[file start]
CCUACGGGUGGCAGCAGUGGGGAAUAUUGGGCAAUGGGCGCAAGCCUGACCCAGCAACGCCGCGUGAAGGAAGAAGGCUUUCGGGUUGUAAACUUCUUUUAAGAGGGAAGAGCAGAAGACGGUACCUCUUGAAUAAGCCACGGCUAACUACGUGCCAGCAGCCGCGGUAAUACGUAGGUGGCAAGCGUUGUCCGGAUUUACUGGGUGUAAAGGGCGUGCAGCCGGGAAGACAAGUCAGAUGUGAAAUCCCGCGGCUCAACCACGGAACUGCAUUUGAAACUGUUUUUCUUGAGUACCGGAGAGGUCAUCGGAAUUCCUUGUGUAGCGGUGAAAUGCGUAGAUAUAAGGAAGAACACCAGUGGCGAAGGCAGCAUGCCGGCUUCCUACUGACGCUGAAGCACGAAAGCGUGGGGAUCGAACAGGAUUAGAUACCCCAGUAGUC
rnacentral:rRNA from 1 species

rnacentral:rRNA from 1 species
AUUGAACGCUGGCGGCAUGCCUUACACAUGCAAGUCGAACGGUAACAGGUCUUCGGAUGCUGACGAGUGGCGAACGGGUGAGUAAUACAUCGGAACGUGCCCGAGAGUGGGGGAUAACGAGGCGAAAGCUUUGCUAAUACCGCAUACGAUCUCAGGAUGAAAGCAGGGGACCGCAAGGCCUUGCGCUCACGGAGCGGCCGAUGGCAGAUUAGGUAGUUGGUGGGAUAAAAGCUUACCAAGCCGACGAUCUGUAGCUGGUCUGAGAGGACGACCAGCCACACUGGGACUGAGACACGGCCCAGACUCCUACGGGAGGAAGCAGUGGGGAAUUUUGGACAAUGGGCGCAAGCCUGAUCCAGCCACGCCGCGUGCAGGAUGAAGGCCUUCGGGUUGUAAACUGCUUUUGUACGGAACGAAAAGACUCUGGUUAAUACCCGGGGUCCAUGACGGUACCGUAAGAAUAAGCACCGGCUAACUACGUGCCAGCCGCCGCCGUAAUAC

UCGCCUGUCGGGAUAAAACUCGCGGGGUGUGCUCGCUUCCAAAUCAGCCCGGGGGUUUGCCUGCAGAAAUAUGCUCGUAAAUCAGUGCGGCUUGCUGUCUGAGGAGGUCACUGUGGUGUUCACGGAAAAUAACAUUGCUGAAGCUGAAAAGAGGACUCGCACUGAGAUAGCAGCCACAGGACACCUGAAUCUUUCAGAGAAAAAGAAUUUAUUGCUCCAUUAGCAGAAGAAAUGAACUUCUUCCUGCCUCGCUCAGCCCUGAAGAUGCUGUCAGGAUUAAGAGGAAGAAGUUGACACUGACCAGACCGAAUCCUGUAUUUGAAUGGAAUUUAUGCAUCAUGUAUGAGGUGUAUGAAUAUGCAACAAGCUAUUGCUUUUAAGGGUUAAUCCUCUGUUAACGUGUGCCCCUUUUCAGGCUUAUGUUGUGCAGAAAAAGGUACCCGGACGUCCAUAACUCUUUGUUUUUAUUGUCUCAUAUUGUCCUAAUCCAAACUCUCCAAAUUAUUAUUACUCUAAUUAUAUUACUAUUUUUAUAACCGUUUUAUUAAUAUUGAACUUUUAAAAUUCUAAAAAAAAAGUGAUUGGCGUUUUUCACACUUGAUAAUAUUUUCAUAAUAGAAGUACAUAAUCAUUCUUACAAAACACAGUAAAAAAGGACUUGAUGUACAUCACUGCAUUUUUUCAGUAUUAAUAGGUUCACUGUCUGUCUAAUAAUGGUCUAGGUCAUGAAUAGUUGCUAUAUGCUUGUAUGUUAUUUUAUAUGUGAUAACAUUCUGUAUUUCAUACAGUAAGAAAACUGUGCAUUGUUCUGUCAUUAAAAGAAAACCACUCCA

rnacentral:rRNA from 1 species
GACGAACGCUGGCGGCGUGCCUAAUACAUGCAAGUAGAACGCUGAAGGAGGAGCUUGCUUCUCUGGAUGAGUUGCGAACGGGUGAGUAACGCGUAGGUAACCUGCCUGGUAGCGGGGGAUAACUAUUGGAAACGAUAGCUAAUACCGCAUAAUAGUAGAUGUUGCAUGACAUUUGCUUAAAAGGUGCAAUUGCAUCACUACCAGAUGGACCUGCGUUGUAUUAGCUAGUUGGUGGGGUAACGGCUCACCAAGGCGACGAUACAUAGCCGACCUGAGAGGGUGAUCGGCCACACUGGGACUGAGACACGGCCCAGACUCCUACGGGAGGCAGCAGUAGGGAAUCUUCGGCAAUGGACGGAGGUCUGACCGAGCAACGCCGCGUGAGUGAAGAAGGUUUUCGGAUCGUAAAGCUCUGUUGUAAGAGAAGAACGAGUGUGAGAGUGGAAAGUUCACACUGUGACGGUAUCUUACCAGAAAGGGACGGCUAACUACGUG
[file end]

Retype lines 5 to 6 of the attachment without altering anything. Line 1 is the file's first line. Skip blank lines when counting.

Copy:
UCGCCUGUCGGGAUAAAACUCGCGGGGUGUGCUCGCUUCCAAAUCAGCCCGGGGGUUUGCCUGCAGAAAUAUGCUCGUAAAUCAGUGCGGCUUGCUGUCUGAGGAGGUCACUGUGGUGUUCACGGAAAAUAACAUUGCUGAAGCUGAAAAGAGGACUCGCACUGAGAUAGCAGCCACAGGACACCUGAAUCUUUCAGAGAAAAAGAAUUUAUUGCUCCAUUAGCAGAAGAAAUGAACUUCUUCCUGCCUCGCUCAGCCCUGAAGAUGCUGUCAGGAUUAAGAGGAAGAAGUUGACACUGACCAGACCGAAUCCUGUAUUUGAAUGGAAUUUAUGCAUCAUGUAUGAGGUGUAUGAAUAUGCAACAAGCUAUUGCUUUUAAGGGUUAAUCCUCUGUUAACGUGUGCCCCUUUUCAGGCUUAUGUUGUGCAGAAAAAGGUACCCGGACGUCCAUAACUCUUUGUUUUUAUUGUCUCAUAUUGUCCUAAUCCAAACUCUCCAAAUUAUUAUUACUCUAAUUAUAUUACUAUUUUUAUAACCGUUUUAUUAAUAUUGAACUUUUAAAAUUCUAAAAAAAAAGUGAUUGGCGUUUUUCACACUUGAUAAUAUUUUCAUAAUAGAAGUACAUAAUCAUUCUUACAAAACACAGUAAAAAAGGACUUGAUGUACAUCACUGCAUUUUUUCAGUAUUAAUAGGUUCACUGUCUGUCUAAUAAUGGUCUAGGUCAUGAAUAGUUGCUAUAUGCUUGUAUGUUAUUUUAUAUGUGAUAACAUUCUGUAUUUCAUACAGUAAGAAAACUGUGCAUUGUUCUGUCAUUAAAAGAAAACCACUCCA

rnacentral:rRNA from 1 species